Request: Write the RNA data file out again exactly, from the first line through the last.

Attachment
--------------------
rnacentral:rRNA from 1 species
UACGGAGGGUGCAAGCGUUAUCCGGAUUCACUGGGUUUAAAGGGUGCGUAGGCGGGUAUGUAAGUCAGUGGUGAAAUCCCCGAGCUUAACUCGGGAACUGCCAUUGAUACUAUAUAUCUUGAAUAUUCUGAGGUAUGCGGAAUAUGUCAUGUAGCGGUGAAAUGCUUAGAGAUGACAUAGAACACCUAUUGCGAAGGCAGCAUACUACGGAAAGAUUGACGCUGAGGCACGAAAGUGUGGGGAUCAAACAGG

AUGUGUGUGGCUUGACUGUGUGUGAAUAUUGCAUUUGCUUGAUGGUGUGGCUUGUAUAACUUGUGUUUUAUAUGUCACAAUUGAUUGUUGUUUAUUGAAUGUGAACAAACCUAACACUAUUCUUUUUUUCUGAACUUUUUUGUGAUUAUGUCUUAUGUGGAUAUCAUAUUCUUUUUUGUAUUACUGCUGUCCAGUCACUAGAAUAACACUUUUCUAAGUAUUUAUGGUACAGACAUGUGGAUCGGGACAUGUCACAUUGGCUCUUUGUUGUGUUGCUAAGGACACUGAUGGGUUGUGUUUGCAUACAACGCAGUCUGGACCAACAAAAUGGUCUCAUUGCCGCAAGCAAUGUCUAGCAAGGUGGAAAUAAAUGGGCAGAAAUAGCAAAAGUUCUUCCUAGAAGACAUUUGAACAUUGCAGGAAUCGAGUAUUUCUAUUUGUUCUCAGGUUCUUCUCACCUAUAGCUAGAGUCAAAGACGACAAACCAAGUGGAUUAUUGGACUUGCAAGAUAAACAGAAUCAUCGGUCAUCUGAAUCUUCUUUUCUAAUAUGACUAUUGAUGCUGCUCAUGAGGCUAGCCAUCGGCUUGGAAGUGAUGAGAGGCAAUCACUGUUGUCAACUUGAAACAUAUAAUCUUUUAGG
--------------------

rnacentral:rRNA from 1 species
UACGGAGGGUGCAAGCGUUAUCCGGAUUCACUGGGUUUAAAGGGUGCGUAGGCGGGUAUGUAAGUCAGUGGUGAAAUCCCCGAGCUUAACUCGGGAACUGCCAUUGAUACUAUAUAUCUUGAAUAUUCUGAGGUAUGCGGAAUAUGUCAUGUAGCGGUGAAAUGCUUAGAGAUGACAUAGAACACCUAUUGCGAAGGCAGCAUACUACGGAAAGAUUGACGCUGAGGCACGAAAGUGUGGGGAUCAAACAGG

AUGUGUGUGGCUUGACUGUGUGUGAAUAUUGCAUUUGCUUGAUGGUGUGGCUUGUAUAACUUGUGUUUUAUAUGUCACAAUUGAUUGUUGUUUAUUGAAUGUGAACAAACCUAACACUAUUCUUUUUUUCUGAACUUUUUUGUGAUUAUGUCUUAUGUGGAUAUCAUAUUCUUUUUUGUAUUACUGCUGUCCAGUCACUAGAAUAACACUUUUCUAAGUAUUUAUGGUACAGACAUGUGGAUCGGGACAUGUCACAUUGGCUCUUUGUUGUGUUGCUAAGGACACUGAUGGGUUGUGUUUGCAUACAACGCAGUCUGGACCAACAAAAUGGUCUCAUUGCCGCAAGCAAUGUCUAGCAAGGUGGAAAUAAAUGGGCAGAAAUAGCAAAAGUUCUUCCUAGAAGACAUUUGAACAUUGCAGGAAUCGAGUAUUUCUAUUUGUUCUCAGGUUCUUCUCACCUAUAGCUAGAGUCAAAGACGACAAACCAAGUGGAUUAUUGGACUUGCAAGAUAAACAGAAUCAUCGGUCAUCUGAAUCUUCUUUUCUAAUAUGACUAUUGAUGCUGCUCAUGAGGCUAGCCAUCGGCUUGGAAGUGAUGAGAGGCAAUCACUGUUGUCAACUUGAAACAUAUAAUCUUUUAGG